A journey through another face of Nepal
Wind, water, rock and sky are the quiet yet constant companions one travels in Mustang or the Lost Kingdom of Lo. Passing beyond the sparkling snow peaks of Dhaulagiri and the Annapurnas, another landscape personality of
Nepal emerges as sojourners travel beyond the lush green middle hills and venture up the Kali Gandaki river valley toward the Tibetan plateau.
One is impressed by the power of the stark earth elements felt in Mustang. Large open spaces with towering rock formations dominate its terrain. Canyons and caves permeate the scenery and add shadowed mystery to the land. Described as barren or desolate, the beauty emanating from this region is one of subtle colors and hues.
Walking the trails of Mustang, one becomes attuned to sensations rarely noticed in the hectic pace of everyday life. The wind blows incessantly. The soothing sound of water from nearby canyons carving routes through stone and sand cools one from the intensity of the sun at altitude.
Crossing this lonely landscape, villages appear in the distance as tiny green oases nestled within the valley’s only grove of trees or looming as fortresses perched on rocky crags. Tight and compact, these settlements are alive with agricultural activity and roaming animals in the narrow pathways. The abrasive lifestyle of the people of Upper Mustang, or Lobas as they are known, is easily evident here. With only one or two growing seasons for wheat, barley, or buckwheat crops the people here struggle with their surroundings to coax out a harvest.
They are traders too. With their mule caravans plying the trail-ways, many travel to India and southern Nepal during the harsh winter months to do business. Other times, they cross the China border and barter wheat, rice and cloth brought up from the lowlands for goods such as cigarettes, tea, canvas shoes and ready made clothing.
Despite the many hardships faced in everyday life, the people of Mustang endure with a light spirit and an ever-present sense of humor. Their spiritual beliefs are deeply rooted in Tibetan Buddhism and radiate in the physical construction of large chortens, in the long stretches of mani walls along rocky paths, in the Sako Namgo or spirit catchers hung protectively above every household door, and even in the colors used for structural decoration.pg_17map.jpg (31851 bytes)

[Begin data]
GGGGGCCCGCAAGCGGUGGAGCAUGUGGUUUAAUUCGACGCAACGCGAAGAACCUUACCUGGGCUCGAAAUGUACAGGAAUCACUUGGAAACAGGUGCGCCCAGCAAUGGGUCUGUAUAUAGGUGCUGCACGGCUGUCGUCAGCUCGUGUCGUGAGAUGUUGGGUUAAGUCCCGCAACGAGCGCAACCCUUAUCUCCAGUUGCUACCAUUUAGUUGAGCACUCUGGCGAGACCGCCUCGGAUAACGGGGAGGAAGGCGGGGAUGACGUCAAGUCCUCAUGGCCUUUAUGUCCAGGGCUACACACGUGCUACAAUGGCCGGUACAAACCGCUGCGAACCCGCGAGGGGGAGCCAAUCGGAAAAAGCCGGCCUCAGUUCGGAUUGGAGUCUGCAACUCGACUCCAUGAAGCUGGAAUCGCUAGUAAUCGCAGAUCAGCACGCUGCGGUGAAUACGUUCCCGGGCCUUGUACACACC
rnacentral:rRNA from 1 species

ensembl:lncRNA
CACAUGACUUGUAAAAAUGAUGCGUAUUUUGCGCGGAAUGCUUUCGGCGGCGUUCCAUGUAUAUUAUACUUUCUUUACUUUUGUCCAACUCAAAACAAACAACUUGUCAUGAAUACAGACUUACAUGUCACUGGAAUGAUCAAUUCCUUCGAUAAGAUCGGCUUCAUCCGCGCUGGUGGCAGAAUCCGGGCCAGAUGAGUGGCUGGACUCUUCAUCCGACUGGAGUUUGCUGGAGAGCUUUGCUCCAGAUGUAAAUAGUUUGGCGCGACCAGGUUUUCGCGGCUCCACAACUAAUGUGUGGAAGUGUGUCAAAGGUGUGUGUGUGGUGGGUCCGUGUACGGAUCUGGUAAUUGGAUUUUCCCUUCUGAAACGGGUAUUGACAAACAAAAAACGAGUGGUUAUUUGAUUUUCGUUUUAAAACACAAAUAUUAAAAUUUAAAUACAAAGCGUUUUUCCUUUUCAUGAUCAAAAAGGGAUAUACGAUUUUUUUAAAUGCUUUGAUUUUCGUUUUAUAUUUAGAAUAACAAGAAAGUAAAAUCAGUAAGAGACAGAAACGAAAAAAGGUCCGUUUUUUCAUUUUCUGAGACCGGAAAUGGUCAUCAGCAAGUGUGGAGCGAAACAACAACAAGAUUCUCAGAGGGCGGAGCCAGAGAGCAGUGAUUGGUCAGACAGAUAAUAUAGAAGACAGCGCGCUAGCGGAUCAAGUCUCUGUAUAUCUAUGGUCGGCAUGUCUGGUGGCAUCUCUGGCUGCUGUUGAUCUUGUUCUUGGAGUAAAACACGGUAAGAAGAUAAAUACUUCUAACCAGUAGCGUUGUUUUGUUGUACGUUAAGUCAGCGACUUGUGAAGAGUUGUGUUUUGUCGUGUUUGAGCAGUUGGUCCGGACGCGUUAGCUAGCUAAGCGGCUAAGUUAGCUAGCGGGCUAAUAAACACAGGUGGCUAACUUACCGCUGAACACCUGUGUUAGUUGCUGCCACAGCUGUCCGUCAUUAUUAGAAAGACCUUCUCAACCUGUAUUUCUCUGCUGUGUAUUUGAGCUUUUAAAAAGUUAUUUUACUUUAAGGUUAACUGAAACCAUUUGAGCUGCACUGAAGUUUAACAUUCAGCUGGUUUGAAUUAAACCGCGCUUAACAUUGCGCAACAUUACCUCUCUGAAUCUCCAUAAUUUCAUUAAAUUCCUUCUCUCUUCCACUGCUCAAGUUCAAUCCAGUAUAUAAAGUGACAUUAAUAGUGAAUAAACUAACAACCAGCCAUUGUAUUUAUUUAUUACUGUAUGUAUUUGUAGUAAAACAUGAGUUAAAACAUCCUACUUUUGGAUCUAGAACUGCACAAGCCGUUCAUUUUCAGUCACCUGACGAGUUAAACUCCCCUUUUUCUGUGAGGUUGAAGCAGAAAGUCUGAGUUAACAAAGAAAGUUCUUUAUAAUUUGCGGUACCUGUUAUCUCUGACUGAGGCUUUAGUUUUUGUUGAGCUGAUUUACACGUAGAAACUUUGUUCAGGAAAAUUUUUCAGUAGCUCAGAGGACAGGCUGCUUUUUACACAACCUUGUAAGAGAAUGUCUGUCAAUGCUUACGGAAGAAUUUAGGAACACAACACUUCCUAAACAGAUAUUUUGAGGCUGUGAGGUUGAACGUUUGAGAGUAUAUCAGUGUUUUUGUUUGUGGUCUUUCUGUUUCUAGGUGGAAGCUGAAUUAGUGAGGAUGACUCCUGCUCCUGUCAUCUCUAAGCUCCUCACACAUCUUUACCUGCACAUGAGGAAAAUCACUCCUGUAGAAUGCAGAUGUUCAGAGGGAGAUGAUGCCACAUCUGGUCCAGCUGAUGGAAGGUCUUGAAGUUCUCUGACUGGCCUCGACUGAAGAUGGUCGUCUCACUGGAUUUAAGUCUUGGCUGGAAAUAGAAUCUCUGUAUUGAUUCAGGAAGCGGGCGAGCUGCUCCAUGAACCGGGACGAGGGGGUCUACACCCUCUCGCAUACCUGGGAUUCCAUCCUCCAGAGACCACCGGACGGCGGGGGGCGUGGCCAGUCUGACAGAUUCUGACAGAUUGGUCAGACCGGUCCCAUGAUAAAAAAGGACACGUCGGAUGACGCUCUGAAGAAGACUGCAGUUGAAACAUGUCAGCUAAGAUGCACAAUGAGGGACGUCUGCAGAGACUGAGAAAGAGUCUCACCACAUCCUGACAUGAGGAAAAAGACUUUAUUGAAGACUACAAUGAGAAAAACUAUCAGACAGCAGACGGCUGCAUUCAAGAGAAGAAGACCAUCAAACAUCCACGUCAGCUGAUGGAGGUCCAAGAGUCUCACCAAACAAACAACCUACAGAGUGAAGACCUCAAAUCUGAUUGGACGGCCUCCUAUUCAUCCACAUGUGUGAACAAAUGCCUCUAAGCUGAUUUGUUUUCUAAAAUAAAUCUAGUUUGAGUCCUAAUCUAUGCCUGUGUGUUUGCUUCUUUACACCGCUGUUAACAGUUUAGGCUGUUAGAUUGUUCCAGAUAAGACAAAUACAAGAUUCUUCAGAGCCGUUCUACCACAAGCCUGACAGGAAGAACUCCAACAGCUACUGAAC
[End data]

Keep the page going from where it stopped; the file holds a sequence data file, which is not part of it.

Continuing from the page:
The traditional red/orange, white and gray/black, very much in evidence, represent the Buddhist deities of Chenrezig (the embodiment of Compassion), Jamphel-Yang (the embodiment of Wisdom), and Chakna Dorje (the embodiment of Spiritual Power).
A journey into Mustang is a special opportunity to explore a unique Himalayan landscape and to come into contact with one of Nepal’s distinct cultural clans. Upper Mustang, as a destination, is limited to those willing to follow stiff regulations established by the Ministry of Tourism and the Annapurna Conservation Area Project. Designed to protect the fragile environment and sensitize travellers to preserving ancient culture and tradition, such education is aimed toward reducing the negative impact tourism can have in newly opened areas.
For those who do make the trip, many find that internal landscapes explored through provocative exposure to the way of life here is as much of a challenge as the physical exertion required to traverse the grain of the land. A place of wind, water, rock and sky, Mustang indeed fills the senses and fully saturates the mind.
Location: North central Nepal
Altitude: 3,815 m above sea level
Access: Fly Pokhara-Jomsom (25 minutes) and trek from Jomsom via Kagbeni (105 km, four days)
Permits: Permits are given only to organized groups
Accommodation: Trekkers’ lodges
Activities: Trekking, monastery visits, cultural experiences
Additional info: ACAP Headquarters, Hariyo Kharka, Pokhara; Tel: 061-21102